Across the suburbs of north Melbourne, five strangers begin their day. Aida waits, trapped by past and circumstance, unable to do anything else. Rik hides, stalked by career failure and the ghost of something much more sinister. Nell works, unfulfilled and dreaming of making a difference instead of a living. DB swims, using structure and routine to try and force his life to fit the mould he always expected it would. And Evangelia’s anger boils over as she mourns both her mother’s death and the culture nobody else in the family seems to care about. On the surface, these five people seem disconnected; but as their lives begin to intersect, common threads emerge, revealing unexpected similarities and shared passions.
Author Claire Varley weaves a beautiful narrative about family—both the one we’re born into, and the ones we build for ourselves. Beneath that narrative lies a bedrock of stories; the stories of culture, the stories of our personal histories, the stories we tell ourselves and each other, and the stories on which we build our identities. Washing over everything is a current of grief. Varley has drawn with a deft and gentle hand on this universal emotion, and each character initially dwells in a stage of the grieving process. DB is firmly in denial about the direction in which his life is attempting to go. Evangelia is angry, and her family bears the brunt. Nell bargains for her integrity by throwing herself into pro bono legal work. Rik is both deeply depressed and wrestling with what presents as post-traumatic stress disorder; overwhelmed, he sees no purpose in what he does. And Aida, having endured unspeakable horrors escaping her homeland and coming to Australia by boat to seek asylum, waits in limbo; powerless but to accept her circumstances as they come.
There are plenty of heartbreaking moments in The Book Of Ordinary People. Many emerge from stories and Varley cleverly uses the contrast between the story being told and the context in which it is told to make these moments keenly felt. Rik’s profiles of colourful locals for the local newspaper sit against the monochrome of his own existence; the emails DB composes to a friend abroad only deepen the tint of his rose-coloured glasses. Nell’s bland, jargon-filled legal documents, and her determined but unsuccessful edits, show the disparity between her career and her dreams. The Persian legends Aida tells her housemate’s child Niki are filled with grandeur and heroism, in stark contrast to their threadbare lives—but the single-word story Niki tells Aida on a tour of her kindergarten is the one that drives home both their plights.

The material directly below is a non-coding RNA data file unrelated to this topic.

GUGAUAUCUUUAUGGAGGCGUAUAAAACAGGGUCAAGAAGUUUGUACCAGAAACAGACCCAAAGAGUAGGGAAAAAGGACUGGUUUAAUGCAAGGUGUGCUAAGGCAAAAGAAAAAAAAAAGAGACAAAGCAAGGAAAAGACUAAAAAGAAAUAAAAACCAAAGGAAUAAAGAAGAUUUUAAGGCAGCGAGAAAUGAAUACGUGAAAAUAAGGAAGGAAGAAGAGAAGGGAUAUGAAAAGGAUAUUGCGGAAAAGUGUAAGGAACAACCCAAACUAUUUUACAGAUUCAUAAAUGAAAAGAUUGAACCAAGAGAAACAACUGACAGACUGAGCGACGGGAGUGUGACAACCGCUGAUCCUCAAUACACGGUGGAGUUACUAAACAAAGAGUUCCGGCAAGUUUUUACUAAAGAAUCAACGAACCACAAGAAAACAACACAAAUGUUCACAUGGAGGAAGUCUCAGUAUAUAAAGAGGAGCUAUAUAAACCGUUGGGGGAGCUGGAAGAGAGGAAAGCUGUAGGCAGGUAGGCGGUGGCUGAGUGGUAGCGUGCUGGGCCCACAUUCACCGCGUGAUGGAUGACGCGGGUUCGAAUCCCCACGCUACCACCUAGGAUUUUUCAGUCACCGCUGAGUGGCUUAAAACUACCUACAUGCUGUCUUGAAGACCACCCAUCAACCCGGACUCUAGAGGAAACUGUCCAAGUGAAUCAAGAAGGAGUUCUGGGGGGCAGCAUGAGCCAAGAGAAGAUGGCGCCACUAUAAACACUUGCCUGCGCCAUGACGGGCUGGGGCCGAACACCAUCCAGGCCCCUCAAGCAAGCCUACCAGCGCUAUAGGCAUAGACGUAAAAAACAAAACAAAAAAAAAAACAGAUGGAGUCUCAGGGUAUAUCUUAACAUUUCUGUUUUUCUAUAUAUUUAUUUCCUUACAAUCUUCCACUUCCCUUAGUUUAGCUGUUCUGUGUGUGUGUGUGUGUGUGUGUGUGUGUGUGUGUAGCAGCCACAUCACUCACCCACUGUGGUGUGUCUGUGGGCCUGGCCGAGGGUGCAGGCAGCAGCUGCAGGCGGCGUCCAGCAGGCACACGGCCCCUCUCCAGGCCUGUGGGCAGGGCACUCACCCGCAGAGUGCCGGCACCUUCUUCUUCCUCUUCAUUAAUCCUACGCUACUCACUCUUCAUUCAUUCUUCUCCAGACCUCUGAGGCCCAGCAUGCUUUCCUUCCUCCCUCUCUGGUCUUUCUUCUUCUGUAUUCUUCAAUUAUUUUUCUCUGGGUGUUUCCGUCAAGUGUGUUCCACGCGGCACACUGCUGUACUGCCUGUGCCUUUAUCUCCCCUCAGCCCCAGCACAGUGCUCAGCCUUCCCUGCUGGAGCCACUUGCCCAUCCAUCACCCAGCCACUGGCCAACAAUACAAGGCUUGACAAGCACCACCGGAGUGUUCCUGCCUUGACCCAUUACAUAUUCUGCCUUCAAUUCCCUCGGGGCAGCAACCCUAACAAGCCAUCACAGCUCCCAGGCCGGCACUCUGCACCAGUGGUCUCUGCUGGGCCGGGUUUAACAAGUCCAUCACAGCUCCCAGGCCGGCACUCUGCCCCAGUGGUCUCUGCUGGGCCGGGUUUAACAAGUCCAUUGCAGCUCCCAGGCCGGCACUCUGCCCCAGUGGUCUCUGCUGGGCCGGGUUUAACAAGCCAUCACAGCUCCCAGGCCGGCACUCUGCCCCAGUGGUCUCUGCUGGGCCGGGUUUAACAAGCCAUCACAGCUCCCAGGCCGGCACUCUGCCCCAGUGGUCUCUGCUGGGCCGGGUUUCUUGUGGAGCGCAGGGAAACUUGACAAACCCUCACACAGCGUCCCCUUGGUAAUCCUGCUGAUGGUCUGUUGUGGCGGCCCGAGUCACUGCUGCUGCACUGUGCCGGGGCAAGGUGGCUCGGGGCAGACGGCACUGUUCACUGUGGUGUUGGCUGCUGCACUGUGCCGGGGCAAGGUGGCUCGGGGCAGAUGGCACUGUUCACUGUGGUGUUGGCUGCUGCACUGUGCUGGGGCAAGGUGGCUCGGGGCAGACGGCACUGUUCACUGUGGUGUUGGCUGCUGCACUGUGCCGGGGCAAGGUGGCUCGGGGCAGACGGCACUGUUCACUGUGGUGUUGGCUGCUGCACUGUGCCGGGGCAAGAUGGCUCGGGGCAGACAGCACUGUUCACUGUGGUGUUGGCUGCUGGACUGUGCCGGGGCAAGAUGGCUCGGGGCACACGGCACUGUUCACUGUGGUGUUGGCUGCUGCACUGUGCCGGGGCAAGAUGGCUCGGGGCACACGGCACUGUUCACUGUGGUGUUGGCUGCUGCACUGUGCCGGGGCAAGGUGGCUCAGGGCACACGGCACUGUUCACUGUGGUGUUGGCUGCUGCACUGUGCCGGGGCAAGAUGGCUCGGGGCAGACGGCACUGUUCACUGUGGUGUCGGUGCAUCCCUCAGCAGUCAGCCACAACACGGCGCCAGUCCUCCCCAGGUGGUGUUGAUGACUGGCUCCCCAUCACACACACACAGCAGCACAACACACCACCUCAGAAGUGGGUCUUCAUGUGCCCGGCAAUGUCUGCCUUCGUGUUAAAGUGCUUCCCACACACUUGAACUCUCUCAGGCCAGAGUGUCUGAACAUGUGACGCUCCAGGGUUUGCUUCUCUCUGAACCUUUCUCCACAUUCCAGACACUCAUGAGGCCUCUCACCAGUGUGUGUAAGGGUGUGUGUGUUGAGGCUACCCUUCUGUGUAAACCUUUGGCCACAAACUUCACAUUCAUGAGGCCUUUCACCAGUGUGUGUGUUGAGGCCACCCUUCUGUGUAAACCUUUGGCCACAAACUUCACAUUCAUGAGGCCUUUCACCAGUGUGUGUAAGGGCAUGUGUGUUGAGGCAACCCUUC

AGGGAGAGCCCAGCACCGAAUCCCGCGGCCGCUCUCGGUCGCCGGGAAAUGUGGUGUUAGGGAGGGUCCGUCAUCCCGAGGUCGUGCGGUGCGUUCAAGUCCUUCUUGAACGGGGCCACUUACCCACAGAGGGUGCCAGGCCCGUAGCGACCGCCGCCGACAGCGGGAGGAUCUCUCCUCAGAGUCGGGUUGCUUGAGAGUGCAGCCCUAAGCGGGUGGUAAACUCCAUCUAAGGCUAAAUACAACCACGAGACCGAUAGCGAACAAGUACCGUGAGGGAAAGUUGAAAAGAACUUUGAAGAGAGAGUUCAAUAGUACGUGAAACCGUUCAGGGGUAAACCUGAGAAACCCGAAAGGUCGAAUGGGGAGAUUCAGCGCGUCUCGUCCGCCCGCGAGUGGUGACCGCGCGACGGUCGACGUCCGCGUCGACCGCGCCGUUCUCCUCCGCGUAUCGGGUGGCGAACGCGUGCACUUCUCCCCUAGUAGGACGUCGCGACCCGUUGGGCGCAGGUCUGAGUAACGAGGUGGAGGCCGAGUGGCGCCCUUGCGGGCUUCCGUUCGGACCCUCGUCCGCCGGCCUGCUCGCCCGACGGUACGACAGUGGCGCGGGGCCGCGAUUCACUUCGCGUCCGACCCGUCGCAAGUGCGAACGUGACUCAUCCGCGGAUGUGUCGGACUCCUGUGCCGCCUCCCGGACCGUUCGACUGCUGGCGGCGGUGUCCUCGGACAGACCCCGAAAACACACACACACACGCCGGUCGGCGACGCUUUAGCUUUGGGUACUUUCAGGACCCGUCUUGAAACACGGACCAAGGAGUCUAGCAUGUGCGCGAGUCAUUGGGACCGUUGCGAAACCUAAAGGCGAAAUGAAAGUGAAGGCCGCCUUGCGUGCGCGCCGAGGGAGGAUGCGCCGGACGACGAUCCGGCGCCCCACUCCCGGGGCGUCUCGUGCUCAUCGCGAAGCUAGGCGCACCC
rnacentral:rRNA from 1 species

The Book Of Ordinary People perfectly captures modern-day multicultural Australia. Varley has experience working in migrant and refugee communities, and in violence prevention initiatives, which lends her fiction an authentic voice and genuine gravitas. Even more heartening is that despite the darkness within her characters, she allows them—and the contemporary Australian communities they represent—moments of quiet hope for the future.
Amanda McLeod is a Canberra-based author and artist, with several short fiction works published in print and online. Find her on Twitter @AmandaMWrites